Compatibility Standards and Strategic Trade Policy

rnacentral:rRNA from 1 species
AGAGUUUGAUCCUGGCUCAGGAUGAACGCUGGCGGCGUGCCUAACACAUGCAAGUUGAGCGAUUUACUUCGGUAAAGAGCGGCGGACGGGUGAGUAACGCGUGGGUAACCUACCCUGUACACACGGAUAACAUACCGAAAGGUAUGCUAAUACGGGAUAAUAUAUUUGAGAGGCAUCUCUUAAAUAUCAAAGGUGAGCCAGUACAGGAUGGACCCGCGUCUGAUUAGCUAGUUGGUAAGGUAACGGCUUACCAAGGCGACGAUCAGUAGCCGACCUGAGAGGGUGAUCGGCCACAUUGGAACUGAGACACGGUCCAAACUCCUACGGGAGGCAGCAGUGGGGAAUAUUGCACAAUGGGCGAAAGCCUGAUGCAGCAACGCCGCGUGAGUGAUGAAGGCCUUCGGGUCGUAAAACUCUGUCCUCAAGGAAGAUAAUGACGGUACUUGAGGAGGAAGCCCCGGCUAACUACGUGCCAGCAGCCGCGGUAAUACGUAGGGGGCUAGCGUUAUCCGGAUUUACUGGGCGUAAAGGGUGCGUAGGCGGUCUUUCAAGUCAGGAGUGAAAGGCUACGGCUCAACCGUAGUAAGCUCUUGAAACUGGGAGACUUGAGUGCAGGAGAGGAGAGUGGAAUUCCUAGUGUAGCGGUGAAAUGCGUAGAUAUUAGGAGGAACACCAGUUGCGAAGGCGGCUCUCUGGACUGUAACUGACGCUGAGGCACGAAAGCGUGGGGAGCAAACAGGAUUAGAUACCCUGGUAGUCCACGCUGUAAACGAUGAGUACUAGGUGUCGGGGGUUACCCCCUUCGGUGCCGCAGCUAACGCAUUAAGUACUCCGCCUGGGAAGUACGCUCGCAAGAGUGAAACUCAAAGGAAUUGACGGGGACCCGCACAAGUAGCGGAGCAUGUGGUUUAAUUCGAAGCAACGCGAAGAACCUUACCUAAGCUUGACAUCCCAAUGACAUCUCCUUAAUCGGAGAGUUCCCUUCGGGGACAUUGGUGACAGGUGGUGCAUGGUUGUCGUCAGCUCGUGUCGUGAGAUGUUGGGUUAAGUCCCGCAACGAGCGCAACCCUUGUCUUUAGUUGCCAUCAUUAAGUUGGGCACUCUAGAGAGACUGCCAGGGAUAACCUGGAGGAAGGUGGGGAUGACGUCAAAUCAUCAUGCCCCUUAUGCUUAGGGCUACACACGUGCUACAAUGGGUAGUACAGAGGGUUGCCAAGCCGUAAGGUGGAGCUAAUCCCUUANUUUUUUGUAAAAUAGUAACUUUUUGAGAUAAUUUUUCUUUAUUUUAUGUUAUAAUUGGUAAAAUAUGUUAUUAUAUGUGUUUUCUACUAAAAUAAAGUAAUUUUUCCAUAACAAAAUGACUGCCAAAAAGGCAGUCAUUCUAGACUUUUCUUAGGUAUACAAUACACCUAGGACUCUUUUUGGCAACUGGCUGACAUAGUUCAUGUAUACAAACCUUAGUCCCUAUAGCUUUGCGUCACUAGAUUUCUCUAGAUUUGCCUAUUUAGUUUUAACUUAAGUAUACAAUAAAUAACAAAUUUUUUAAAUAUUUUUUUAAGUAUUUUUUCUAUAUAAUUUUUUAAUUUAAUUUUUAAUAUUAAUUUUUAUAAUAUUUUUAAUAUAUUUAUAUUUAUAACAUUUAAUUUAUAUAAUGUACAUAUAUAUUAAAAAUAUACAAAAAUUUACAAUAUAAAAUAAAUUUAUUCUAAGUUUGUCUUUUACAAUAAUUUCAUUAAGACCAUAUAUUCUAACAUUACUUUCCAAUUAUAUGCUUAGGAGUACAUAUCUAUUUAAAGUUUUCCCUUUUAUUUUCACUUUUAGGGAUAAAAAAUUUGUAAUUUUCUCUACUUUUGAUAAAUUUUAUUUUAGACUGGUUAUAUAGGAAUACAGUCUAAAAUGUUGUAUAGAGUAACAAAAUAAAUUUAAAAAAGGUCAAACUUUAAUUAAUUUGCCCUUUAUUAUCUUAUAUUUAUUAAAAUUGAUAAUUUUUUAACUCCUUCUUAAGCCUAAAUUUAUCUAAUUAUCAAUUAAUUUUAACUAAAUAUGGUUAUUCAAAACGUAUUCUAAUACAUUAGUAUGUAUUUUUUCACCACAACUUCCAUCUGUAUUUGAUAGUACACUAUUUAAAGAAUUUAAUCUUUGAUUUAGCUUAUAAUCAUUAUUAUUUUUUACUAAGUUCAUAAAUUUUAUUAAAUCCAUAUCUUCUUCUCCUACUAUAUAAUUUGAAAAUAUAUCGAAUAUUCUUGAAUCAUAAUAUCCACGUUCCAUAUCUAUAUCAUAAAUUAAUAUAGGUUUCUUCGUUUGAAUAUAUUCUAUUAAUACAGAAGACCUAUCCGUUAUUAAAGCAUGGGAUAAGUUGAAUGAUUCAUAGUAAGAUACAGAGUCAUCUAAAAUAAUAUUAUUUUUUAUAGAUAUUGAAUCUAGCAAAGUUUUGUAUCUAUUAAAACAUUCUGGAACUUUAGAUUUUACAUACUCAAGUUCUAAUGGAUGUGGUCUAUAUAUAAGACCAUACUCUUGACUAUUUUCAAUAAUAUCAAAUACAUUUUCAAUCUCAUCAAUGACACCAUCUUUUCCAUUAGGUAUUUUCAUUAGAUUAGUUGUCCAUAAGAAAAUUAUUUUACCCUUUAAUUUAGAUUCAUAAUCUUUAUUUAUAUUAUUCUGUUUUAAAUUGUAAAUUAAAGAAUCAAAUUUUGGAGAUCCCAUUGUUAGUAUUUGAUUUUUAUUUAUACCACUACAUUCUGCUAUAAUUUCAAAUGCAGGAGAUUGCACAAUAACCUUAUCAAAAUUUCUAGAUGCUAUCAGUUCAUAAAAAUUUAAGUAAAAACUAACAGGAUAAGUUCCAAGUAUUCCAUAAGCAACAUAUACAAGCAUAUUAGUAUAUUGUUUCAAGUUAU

We analyse the compatibility decisions of two national firms producing horizontally differentiated variants of a good that exhibits network effects for the world market. One of the firms is able to endogenously establish an installed base in its domestic market. The firm's effort in that respect is reinforced by a production subsidy that covers the firm's domestic market. With the help of a three-country model we ask under which circumstances this local subsidy may be and actually is used as a strategic trade-policy device. We show that the installed-base effect plays a role only when the firms opt for incompatibility. In addition, we obtain the result that only for intermediate values of the network-effect parameter incompatibility is chosen. In all other cases, compatibility emerges and so the local subsidy can be shown to increase world welfare.
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